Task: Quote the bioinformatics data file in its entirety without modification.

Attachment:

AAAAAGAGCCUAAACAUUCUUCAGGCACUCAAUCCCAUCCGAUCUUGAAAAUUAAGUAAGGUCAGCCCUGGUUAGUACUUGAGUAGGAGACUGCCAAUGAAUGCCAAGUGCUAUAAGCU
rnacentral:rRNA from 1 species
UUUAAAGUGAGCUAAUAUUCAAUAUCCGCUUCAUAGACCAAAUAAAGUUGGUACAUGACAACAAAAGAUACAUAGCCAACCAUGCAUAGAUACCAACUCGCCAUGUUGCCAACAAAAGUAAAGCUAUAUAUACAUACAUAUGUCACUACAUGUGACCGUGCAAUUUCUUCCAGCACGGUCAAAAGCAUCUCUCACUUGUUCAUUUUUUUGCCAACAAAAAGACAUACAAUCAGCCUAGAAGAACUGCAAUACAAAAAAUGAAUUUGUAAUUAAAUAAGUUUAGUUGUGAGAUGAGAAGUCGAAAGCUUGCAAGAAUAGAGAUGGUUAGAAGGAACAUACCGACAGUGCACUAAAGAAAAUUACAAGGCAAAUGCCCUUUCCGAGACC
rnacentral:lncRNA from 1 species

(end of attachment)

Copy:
AAAAAGAGCCUAAACAUUCUUCAGGCACUCAAUCCCAUCCGAUCUUGAAAAUUAAGUAAGGUCAGCCCUGGUUAGUACUUGAGUAGGAGACUGCCAAUGAAUGCCAAGUGCUAUAAGCU
rnacentral:rRNA from 1 species
UUUAAAGUGAGCUAAUAUUCAAUAUCCGCUUCAUAGACCAAAUAAAGUUGGUACAUGACAACAAAAGAUACAUAGCCAACCAUGCAUAGAUACCAACUCGCCAUGUUGCCAACAAAAGUAAAGCUAUAUAUACAUACAUAUGUCACUACAUGUGACCGUGCAAUUUCUUCCAGCACGGUCAAAAGCAUCUCUCACUUGUUCAUUUUUUUGCCAACAAAAAGACAUACAAUCAGCCUAGAAGAACUGCAAUACAAAAAAUGAAUUUGUAAUUAAAUAAGUUUAGUUGUGAGAUGAGAAGUCGAAAGCUUGCAAGAAUAGAGAUGGUUAGAAGGAACAUACCGACAGUGCACUAAAGAAAAUUACAAGGCAAAUGCCCUUUCCGAGACC
rnacentral:lncRNA from 1 species